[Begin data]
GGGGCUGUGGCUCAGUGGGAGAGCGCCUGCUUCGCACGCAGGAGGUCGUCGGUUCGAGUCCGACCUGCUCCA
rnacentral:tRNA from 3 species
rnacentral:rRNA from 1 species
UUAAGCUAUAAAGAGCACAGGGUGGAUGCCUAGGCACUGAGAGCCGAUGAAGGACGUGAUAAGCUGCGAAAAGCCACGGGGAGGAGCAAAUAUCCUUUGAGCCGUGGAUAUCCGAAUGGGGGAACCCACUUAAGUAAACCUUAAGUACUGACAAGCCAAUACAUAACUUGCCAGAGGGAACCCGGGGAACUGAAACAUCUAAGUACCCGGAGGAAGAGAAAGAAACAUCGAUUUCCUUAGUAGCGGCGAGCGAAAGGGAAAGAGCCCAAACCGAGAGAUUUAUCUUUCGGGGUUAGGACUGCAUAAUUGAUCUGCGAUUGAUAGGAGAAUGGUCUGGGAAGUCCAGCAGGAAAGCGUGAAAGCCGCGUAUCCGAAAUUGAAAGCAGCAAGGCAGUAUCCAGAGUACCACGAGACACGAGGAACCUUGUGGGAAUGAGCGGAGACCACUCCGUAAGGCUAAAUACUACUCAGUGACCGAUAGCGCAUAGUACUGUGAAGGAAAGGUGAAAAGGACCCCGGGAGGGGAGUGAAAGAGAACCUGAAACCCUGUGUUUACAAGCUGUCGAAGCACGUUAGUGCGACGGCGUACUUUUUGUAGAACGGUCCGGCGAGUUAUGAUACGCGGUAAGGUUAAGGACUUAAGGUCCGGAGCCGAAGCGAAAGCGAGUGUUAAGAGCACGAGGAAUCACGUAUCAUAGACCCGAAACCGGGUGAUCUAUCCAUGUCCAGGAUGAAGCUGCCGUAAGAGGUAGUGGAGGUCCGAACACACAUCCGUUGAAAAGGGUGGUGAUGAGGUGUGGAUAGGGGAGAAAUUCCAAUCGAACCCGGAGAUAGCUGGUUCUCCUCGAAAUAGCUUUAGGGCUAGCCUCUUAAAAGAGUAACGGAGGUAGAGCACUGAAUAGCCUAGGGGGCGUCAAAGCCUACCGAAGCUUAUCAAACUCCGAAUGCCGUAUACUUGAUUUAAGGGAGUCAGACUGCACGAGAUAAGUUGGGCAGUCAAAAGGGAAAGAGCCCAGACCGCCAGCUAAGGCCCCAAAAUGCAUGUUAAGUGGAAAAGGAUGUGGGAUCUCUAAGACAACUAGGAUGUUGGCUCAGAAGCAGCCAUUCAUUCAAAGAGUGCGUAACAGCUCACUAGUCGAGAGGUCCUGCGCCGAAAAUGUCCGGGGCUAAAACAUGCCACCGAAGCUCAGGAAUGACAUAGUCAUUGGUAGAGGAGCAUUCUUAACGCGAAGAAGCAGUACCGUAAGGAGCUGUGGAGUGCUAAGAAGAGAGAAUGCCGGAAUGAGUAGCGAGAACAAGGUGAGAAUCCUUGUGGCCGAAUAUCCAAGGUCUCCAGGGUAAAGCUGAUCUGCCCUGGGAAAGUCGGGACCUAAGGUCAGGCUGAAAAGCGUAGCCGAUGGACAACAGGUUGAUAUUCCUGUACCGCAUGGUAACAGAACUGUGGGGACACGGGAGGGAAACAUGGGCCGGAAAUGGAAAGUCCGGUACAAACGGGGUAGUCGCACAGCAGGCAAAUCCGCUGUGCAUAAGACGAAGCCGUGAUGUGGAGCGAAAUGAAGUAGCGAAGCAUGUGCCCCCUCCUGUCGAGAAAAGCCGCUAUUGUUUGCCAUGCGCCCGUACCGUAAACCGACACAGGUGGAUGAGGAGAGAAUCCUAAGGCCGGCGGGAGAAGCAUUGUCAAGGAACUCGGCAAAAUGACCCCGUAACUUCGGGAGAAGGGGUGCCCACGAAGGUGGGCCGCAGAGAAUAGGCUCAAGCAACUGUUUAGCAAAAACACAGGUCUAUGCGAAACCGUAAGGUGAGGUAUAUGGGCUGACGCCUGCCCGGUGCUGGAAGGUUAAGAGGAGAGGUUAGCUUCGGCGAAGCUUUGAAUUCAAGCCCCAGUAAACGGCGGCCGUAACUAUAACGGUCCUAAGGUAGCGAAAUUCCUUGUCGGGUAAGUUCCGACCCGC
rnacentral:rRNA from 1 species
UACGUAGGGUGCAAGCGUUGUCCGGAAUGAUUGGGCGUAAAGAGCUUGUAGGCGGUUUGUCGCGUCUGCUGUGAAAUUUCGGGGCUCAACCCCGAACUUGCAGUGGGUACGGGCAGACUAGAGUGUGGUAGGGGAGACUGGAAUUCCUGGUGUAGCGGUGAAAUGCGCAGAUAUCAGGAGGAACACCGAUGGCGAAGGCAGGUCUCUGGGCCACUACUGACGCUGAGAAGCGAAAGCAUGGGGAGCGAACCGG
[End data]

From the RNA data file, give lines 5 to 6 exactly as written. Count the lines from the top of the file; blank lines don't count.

rnacentral:rRNA from 1 species
UACGUAGGGUGCAAGCGUUGUCCGGAAUGAUUGGGCGUAAAGAGCUUGUAGGCGGUUUGUCGCGUCUGCUGUGAAAUUUCGGGGCUCAACCCCGAACUUGCAGUGGGUACGGGCAGACUAGAGUGUGGUAGGGGAGACUGGAAUUCCUGGUGUAGCGGUGAAAUGCGCAGAUAUCAGGAGGAACACCGAUGGCGAAGGCAGGUCUCUGGGCCACUACUGACGCUGAGAAGCGAAAGCAUGGGGAGCGAACCGG